Not-for-profit Associations Render Yeoman Service to Active and Veteran Military Personnel
November 20, 2012
We can perhaps never fully understand the extent of the personal sacrifices that military personnel make for their nation and can never thank them enough for what they and their families have done.
Thankfully, organizations like the SCRA grant special privileges regarding debt and debt collection and help suspend or postpone certain civil obligations so that soldiers need not worry about financial concerns at home and can focus on the immediate task at hand during active duty.
The SCRA can only be exercised while engaged in active duty, including full-time training; annual training duty; and attendance at a service school while in active military service.
But what about those veterans who return home, mentally and physically scarred for the rest of their lives, having to make new lives for themselves? After the initial euphoria, the transition to civil life in terms of emotional and financial terms is never easy.
For them, not-for-profit associations like ACA International and ARMing Heroes, help ensure that veterans get the help they have earned through programs oriented to the unique ways in which the accounts receivable management industry can help.
ACA International, which represents the accounts receivable management (ARM (News - Alert)) industry, offers valuable resources to help veteran United States military personnel faced with financial concerns. It brings together 5,000 members worldwide, including third-party collection agencies, asset buyers, attorneys, creditors and vendor affiliates.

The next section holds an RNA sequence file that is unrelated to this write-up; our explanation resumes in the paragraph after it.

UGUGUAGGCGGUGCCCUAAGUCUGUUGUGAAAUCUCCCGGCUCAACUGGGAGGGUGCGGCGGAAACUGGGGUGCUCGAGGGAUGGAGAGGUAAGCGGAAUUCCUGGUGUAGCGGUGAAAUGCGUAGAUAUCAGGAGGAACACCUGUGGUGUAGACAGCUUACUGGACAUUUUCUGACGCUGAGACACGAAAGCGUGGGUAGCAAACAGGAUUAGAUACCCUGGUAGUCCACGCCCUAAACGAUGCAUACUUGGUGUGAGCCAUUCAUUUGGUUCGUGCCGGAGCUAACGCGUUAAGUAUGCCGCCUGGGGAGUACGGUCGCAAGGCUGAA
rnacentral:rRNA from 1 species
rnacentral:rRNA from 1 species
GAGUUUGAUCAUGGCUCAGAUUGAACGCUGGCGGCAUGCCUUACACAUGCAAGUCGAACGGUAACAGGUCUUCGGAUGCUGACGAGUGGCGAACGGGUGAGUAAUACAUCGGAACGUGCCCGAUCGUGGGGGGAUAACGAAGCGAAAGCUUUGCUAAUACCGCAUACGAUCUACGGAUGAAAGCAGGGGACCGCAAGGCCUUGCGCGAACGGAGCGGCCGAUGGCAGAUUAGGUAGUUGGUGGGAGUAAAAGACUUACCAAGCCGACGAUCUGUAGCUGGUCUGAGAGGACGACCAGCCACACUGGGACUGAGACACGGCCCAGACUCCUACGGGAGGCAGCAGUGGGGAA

"All consumers, regardless of military status, deserve to be treated respectfully and within the guidelines of the Fair Debt Collection Practices Act (FDCPA) if contacted about financial obligations," noted Pat Morris, a former officer in the U.S. Marine Corps and CEO at ACA International.
ARMing Heroes serves the needs of U.S. military veterans, including their spouse and children and rely on tax deductible donations to connect veterans to employment, training, mentoring, credit and financial counseling made available through the ARM industry.
"We gave nearly $27,000 in grants last year to veterans with financial troubles and we hope to do the same this year,” said Nick Bernardo, board president at ARMing Heroes.
The sacrifices that these war veterans have made, while fighting on the battlefield, and continue to make while fighting to deal with difficulties of readjustment on the home front can never be fully appreciated, and organizations that help them readopt can rest assured that they are working for a very good cause.
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Edited by Brooke Neuman